The current Folger season will continue to its end as planned, with productions of Much Ado About Nothing and Hamlet. Plans for the future of the 235-seat space include a full schedule of the library’s other public programs: the Folger Consort, its resident medieval and Renaissance music ensemble; literary events; educational programs, lectures and symposia.

Personal reasons as well as financial ones were the motivating factors behind artistic director Meridee Stein’s decision to close the First All Children’s Theatre. In an announcement in mid-January, Stein noted, “With all that First ACT has accomplished, I find that it is time for me to pursue other creative opportunities. I had hoped that the organization could continue to grow and thrive, but under the present economic conditions, that doesn’t seem possible.”

Founded by Stein in 1969, the theatre has been a pioneer in the area of what she likes to term “child arts organizations.” Its repertory company of young people ages 8-22 performed four specially commissioned musicals each season, one of which was a world premiere developed over a period of several years. Throughout its existence, Stein continually succeeded in attracting some of this country’s foremost writers and composers, pressing them into the service of writing works geared for young people. Kenneth Cavander, Richard Peaslee, Charles Strouse, Stephen Schwartz and Elizabeth Swados all participated in recent seasons.

In addition, the company had become a national resource representing the U.S. at the launching of the United Nations International Year of the Child; performing at Lincoln Center and the Smithsonian Institution; and taking part in the All China Youth Federation Exchange Program to the People’s Republic of China.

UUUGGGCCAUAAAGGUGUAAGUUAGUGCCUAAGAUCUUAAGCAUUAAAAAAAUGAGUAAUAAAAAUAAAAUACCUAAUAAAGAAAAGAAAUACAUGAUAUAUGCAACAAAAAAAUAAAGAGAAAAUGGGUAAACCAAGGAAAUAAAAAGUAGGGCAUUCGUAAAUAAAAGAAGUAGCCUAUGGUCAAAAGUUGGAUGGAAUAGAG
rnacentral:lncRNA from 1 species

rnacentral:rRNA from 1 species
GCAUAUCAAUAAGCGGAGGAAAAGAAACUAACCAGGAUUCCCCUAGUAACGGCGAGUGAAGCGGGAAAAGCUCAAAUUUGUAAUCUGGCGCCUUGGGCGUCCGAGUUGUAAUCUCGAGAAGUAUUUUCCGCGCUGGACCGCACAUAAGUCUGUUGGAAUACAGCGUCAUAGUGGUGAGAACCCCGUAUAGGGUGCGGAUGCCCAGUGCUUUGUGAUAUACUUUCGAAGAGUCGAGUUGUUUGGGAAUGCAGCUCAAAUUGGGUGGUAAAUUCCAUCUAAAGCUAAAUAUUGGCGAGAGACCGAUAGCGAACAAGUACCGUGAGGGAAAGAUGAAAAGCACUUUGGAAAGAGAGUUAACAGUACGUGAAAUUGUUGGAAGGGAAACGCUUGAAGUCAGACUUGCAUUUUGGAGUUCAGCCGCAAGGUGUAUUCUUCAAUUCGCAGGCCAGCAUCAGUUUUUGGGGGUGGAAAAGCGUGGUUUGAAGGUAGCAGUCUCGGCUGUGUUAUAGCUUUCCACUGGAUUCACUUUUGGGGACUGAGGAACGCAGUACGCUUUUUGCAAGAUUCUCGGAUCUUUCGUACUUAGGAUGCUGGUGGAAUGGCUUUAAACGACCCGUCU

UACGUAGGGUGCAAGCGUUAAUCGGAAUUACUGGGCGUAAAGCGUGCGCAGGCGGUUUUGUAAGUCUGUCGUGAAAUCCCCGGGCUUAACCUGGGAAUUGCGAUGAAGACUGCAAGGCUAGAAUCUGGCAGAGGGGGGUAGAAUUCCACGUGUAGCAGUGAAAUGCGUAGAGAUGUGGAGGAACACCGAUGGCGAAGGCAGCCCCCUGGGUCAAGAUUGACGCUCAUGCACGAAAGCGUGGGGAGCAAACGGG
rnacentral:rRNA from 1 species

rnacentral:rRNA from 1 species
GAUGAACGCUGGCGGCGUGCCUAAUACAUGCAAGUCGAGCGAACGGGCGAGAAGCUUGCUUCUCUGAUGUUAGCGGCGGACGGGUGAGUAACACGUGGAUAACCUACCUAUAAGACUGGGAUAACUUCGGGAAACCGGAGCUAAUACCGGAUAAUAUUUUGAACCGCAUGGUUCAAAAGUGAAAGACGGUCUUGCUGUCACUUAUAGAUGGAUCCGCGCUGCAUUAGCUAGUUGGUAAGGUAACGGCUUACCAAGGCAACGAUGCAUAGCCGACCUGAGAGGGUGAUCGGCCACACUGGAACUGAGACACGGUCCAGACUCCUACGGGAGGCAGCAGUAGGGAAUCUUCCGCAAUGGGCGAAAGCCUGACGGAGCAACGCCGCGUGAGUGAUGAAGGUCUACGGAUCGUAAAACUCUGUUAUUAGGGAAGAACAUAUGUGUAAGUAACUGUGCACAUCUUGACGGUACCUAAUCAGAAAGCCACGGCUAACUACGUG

Among the company’s most significant accomplishments, Stein notes that it “helped set a new standard for what young people can do and see within the magical theatrical world.”

Ghosts in the Ruins

American Repertory Theatre’s season ran at full tilt through the winter months, as Milan Kundera’s Jacques and His Master joined Beckett’s Endgame and Gozzi’s King Stag in repertory. Noted critic Susan Sontag directed the Kundera work, adapted from a novel by Diderot, in her American directing debut. She comments, “My staging provides a further reworking, both of the Diderot original and of Kundera’s selection and transformation. I have set the action in a vast, empty, but theatrical space—a Roman ruin as reinvented by the dark brain of Piranesi…and presided over by a bust of Diderot…This is a ghostly space—the stage is both a stage and a theatre of ghosts. The personages in Kundera’s ghost-play about the ancien régime are phantoms, survivors. Both presences and absences. In a word, actors.” Robert Drivas, the “master” of the title, makes a pronouncement as Jacques (Thomas Derrah) and Chevalier de Saint-Ouen (Jeremy Geidt) look on. Douglas Stein designed the sets and Jane Greenwood the costumes.